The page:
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Buddhadharma : Winter 2014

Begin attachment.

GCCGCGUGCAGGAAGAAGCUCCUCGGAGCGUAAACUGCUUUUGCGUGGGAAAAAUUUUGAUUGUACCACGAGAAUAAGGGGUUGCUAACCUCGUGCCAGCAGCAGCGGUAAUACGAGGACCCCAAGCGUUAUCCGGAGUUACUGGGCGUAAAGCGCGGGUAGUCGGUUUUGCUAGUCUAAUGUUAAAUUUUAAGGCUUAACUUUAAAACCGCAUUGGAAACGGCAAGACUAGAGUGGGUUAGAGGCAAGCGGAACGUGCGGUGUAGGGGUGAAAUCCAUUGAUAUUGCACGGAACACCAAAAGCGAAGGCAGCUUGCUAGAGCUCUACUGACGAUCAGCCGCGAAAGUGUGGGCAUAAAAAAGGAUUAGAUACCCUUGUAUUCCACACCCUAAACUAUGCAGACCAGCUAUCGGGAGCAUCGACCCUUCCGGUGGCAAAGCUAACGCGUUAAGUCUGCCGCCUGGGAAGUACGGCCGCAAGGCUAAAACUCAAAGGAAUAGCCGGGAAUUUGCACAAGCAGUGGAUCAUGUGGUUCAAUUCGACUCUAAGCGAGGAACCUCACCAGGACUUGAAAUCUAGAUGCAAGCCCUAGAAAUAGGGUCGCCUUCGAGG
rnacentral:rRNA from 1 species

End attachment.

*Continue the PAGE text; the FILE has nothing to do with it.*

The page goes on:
winter 2014 buddhadharma: the Practitioner’s quarterly 49 (LEFT—RIGHT):conorKeenan,unKnoWn,stePhaniemohan,Katerogers abuse happen early on in someone’s dharma career, they haven’t yet developed the skills that might help them stay. BUDDhADhARMA: We should also point out that the young Kalu Rinpoche put out a YouTube video a couple of years ago talking about his own experience of being abused growing up in a monastery. LAMA PALDEN: Yes, he has brought the issue out of the closet for the Tibetan and Vajrayana communities, because of course it’s happening in all the monasteries. Some of my British male friends have told me it’s very much like the British public schools system—it’s something that has always gone on and everybody knows, but nobody talks about it. I think it was very courageous of Rinpoche to bring the misconduct to light. He wants to work inside the system for change. BUDDhADhARMA: Alan, what are some of your experiences and observations of the problem of abuse of power? ALAN SENAUKE: Shortly after I had begun working at the Buddhist Peace Fellowship in 1991, the organization was referenced as a resource in the back of Peter Rutter’s book, Sex in the Forbidden Zone. When the book came out, sud- denly women who had been victimized by teachers and then excluded by their communities started calling us. I’ve noticed that people in pain not only turn inward and build a cyst or capsule around themselves for protec- tion but they also turn against each other. It’s not just that people have different opinions of what’s going on and what should be done. Often the teacher has been the binding energy of a community, and when that is removed or shattered, practitioners can’t find closeness or mutual support within the group. So it can be a volatile and frag- ile situation. It’s very destructive and can run like wildfire through a community. Once that fire starts burning, it’s difficult to control. BUDDhADhARMA: Shinge, looking back on the conflict that arose in your community, The Zen Studies Society, what were some of the conditions that gave rise to ethical mis- conduct and how it was handled? ShINGE ChAYAT: There’s so much to the answer, but I could distill it to one word: secrecy. When secrets are well hid- den, well kept, people become complicit without realizing it. No one is really sure what’s going on, and no one is allowed to question things—especially in an Asian patri- archal structure that discourages transparency. Unethical behavior that may be accepted in another culture—not necessarily approved of, but tacitly ignored—is not okay in ours. Our framework of Western psychology has us more predisposed to look at issues directly and not allow the same old patterns. We want to see what’s really going on, and when that investigative spirit runs up against an old guard saying don’t question authority, even more divisive- ness can be created. That’s been a big issue for us at The Zen Studies Society. We’ve had to learn how to question authority, and we’ve had to see all the aspects, whether cultural or personal, that led to the structure of a secret society and the elevation of one human being to a god-like status, which created a situation where no one felt safe to ask questions. We have to acknowledge the level of pain that unethical activity brings forth in people—just unbelievable pain. I’ve seen hundreds of women turned off of the dharma. — Lama Palden PHOTO©themalni|istocK.com